DAILY DIGEST, weekend edition: How does changing climate bring more extreme events?; Flood insurance rates could rise for hundreds of thousands of homeowners under proposal; Siskiyou County Supervisors wary of effort to model Shasta River hydrology; and more …
In California water news this weekend, How does changing climate bring more extreme events?; Flood insurance rates could rise for hundreds of thousands of homeowners under proposal; Drone video shows progress on spillway repair; Siskiyou County Supervisors wary of effort to model Shasta River hydrology; Toxic algae spurs no-swim warning in East Bay community; Pajaro Valley water kicks off next phase of basin plan; Three years after receiving new well, Tulare County still suffering from water shortage; Inyo County in process of ‘condemning’ landfill sites, reclaiming land from DWP; Diamond Valley back to being a jewel of a lake; and more …
In the news this weekend …
How does changing climate bring more extreme events? “A rapidly-emerging area of scientific study is “event attribution” which seeks to understand the relationships between extreme weather and climate events and climate change. Researchers are identifying the physical processes that are causing an intensification of weather and climate phenomena, which in turn has the potential to improve the prediction of extreme events. The editors of a new book, just published by the American Geophysical Union, answer some questions about weather and climate extremes, and explain technological developments in this field that are improving forecasting and prediction. … ” Read more from EOS here: How does changing climate bring more extreme events?
Flood insurance rates could rise for hundreds of thousands of homeowners under proposal: “Congress is considering sweeping changes to the debt-laden National Flood Insurance Program that could jack up flood insurance rates for hundreds of thousands of homeowners under a bill that a Florida real estate group called “devastating.” The proposal, part of a flood-insurance package with a Sept. 30 deadline, could prove costly to homeowners in flood-prone regions ranging from Florida to Texas to California’s Central Valley. It would primarily affect homeowners with low “grandfathered” rates based on flood maps that have changed since they purchased their homes. ... ” Read more from the Fresno Bee here: Flood insurance rates could rise for hundreds of thousands of homeowners under proposal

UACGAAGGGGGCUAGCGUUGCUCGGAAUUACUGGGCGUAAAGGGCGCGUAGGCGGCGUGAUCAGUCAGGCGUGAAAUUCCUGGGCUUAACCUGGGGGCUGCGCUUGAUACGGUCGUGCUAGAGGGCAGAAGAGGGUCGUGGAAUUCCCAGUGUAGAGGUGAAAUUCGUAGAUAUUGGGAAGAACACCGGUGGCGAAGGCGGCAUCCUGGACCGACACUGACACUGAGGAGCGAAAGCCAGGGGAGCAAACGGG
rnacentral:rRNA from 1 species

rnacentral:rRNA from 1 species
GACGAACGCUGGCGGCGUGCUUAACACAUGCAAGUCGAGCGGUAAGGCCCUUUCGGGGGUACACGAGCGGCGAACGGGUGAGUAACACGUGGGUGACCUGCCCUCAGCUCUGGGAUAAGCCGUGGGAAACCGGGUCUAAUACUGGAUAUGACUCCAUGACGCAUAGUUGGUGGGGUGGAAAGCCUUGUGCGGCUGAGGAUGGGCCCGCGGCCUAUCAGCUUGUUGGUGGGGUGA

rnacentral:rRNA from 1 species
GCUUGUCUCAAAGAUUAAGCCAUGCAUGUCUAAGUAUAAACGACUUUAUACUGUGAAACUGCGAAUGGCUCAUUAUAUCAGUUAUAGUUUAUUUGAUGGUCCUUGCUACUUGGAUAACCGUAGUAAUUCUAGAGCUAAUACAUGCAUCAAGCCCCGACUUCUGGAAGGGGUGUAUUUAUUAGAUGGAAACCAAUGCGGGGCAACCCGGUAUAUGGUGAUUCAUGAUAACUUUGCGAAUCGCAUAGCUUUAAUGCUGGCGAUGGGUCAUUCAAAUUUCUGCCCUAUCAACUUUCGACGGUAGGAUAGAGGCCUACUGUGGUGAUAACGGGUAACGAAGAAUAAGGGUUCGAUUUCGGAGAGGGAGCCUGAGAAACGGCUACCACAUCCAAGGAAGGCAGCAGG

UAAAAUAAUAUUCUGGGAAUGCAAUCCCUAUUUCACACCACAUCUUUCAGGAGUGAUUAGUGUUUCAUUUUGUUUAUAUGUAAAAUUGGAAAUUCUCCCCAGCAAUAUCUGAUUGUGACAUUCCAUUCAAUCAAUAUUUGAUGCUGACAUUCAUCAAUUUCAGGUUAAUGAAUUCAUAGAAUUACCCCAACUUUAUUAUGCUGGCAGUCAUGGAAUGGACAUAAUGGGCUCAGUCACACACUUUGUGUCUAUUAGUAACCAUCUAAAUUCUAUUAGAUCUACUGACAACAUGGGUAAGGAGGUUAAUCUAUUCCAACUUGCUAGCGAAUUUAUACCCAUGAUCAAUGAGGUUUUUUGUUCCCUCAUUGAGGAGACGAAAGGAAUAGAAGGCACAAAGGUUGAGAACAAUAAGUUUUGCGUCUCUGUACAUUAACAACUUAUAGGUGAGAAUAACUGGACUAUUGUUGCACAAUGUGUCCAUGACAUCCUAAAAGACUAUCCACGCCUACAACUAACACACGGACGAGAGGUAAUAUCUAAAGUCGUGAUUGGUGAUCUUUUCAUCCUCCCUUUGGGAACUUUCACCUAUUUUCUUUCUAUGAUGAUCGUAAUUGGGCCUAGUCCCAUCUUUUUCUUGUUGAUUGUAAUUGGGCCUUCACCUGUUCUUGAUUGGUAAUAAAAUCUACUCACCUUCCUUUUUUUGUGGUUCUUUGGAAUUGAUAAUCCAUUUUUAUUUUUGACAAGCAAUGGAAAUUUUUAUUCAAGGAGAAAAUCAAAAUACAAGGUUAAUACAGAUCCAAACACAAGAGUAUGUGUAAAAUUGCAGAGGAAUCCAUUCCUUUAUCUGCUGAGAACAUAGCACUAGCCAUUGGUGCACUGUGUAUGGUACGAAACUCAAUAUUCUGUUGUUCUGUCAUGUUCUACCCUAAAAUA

Drone video shows progress on spillway repair: “Aerial drone footage from the state Department of Water Resources reveals progress on the Oroville Dam this week. Shot July 11, the video shows concrete being pumped between the stay-in-place forms. It is part of a new foundation and drainage system for the Lake Oroville control spillway. The clips also highlight demolition and rock cleaning on the emergency spillway. … ” Read more from the San Jose Mercury Record here: Drone video shows progress on spillway repair
In commentary this weekend …
Stop the legislative games with Cadiz water project, says John Hakel: He writes, “Over the Independence Day holiday, a member of the California Legislature, using the universally reviled “gut and amend” process, introduced Assembly Bill 1000, a bill with a malicious, single purpose: derail the construction of the Cadiz Water Project, a project fully certified under the California Environmental Quality Act (CEQA) that will add a new, sustainable water supply to Southern California. A reliable water supply is essential to the health of our economy and the prosperity of our communities. Yet, AB1000 targets a project that could offer one by attempting to override long-existing law governing how we move water in California. It specifically hinders the conveyance of water supplies only near the Cadiz project — a completely inappropriate and harmful use of the legislative process. … ” Read more from the San Bernardino Sun here: Stop the legislative games with Cadiz water project
In regional news and commentary this weekend …
Siskiyou County Supervisors wary of effort to model Shasta River hydrology: “The State Water Resources Control Board is working toward the creation of a hydrology model for the Shasta River, spurring concerns from the Siskiyou County Board of Supervisors on Tuesday. Representatives from the SWRCB visited the board of supervisors on Tuesday to discuss the proposed hydrology model, which is a part of the California Water Action Plan. The plan was released in 2014 and updated in 2016, and acts as a guiding document in efforts to enhance the state’s water supply reliability, restore damaged ecosystems, and improve water infrastructure, according to Daniel Worth of the SWRCB’s Division of Water Rights. … ” Read more from the Siskiyou Daily News here: Siskiyou County Supervisors wary of effort to model Shasta River hydrology